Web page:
At the time of the accident Mr. Matthews had been working as a receiver for Samuel Steele for 29 years. Mr. Matthews completed Grade 7 in Newfoundland. He has not been able to return to work because his job entails manual labour. Prior to the accident his hobbies included playing horse shoes, fixing cars and trucks, and socializing with friends and family. Prior to the accident, Mr. Matthews duties at home were restricted to mowing the lawn, shovelling snow, home maintenance and barbequing. He has been married to his wife for 27 years. Mrs. Matthews has been and continues to be the primary person who prepares all meals, cleans the home and takes care of the day to day maintenance and housekeeping of the house.
It is not disputed that Mr. Matthews suffered both physical and mental/behavioural impairments because of his accident. The issue that the Arbitrator must decide is whether these impairments together are sufficiently severe that it can be found that Mr. Matthews has suffered a catastrophic impairment as defined under the Schedule.
After careful consideration of the totality of the evidence the Arbitrator found that on a balance of probabilities, Mr. Matthews does not suffer from catastrophic impairment. The test that applied was the following. It must be determined whether Mr. Matthews is catastrophically impaired based on a combination of impairments that in accordance to the Guides results in 55% or more impairment of a whole person. The Guides are a reference source used by physicians in evaluating the extent of impairments. The combined value chart at the end of the Guides allows physicians (and arbitrators) to combine impairment ratings from different chapters to arrive at a whole person impairment rating. The Arbitrator rated each impairment with respect to the Guides, and took into consideration the test as delineated in Desbiens v. Mordini in combining the psychological impairment ratings with the physical impairment ratings.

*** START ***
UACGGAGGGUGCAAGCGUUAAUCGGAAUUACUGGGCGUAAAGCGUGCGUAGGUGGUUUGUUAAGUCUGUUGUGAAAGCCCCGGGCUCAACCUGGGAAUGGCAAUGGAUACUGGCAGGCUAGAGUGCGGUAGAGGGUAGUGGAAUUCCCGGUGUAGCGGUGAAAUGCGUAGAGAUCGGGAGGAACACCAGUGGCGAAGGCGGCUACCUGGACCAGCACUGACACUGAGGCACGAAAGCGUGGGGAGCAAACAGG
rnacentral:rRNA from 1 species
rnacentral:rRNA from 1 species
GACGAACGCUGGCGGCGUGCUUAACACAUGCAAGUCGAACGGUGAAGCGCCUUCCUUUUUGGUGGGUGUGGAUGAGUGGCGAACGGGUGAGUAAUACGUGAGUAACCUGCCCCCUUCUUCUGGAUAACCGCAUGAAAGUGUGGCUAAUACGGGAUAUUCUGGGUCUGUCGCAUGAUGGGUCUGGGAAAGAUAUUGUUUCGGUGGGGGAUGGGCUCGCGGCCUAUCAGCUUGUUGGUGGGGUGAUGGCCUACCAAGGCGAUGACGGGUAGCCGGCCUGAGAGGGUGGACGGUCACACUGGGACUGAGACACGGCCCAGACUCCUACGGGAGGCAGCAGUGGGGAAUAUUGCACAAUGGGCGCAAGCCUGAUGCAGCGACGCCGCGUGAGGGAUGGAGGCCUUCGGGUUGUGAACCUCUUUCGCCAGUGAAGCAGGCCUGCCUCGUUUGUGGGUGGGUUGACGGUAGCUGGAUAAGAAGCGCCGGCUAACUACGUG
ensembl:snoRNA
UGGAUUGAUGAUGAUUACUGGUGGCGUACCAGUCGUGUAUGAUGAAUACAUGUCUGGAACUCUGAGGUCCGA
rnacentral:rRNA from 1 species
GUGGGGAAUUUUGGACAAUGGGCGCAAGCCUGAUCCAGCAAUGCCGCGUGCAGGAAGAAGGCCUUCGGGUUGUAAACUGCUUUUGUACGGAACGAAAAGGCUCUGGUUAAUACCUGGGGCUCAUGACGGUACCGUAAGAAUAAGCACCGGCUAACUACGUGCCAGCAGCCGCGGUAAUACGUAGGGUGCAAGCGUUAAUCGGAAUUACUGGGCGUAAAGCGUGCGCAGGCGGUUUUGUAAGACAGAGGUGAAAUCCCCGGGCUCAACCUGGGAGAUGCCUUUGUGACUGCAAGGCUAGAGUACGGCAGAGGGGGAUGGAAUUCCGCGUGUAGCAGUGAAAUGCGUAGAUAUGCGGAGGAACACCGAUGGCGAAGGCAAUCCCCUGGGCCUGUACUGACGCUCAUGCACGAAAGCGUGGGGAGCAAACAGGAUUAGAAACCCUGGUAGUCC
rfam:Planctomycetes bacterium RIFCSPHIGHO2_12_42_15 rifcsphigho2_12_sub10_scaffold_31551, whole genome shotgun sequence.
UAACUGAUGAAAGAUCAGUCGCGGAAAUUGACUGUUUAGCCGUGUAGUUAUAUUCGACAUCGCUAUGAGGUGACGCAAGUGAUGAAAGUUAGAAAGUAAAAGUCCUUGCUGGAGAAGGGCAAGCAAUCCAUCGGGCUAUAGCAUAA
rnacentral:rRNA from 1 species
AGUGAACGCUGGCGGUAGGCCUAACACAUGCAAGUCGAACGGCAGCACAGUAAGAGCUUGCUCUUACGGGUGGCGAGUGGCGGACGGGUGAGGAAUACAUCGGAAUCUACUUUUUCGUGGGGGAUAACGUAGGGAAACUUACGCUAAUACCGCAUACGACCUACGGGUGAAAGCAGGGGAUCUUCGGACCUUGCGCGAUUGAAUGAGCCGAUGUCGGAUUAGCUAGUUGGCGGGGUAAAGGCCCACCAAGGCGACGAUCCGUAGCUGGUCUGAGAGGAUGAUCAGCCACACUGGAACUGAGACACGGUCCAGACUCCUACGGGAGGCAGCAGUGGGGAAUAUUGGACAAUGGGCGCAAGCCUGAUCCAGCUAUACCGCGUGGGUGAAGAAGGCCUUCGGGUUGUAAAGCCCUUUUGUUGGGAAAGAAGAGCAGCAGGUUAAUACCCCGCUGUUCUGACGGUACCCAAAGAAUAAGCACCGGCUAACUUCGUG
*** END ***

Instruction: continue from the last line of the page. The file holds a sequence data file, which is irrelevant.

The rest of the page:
OMEGA, on behalf of Mr. Matthews, provided a summary of findings by Dr. HB, physician, which stated that Mr. Matthews is catastrophically impaired because his combined physical and psychological impairments are 34% -64% WPI. MDAC, on behalf of Dumfries, provided a summary prepared by Dr. BM, a physiatrist, which found that Mr. Matthews had a total impairment of 49% which even if rounded out to 50%, falls short of 55% WPI.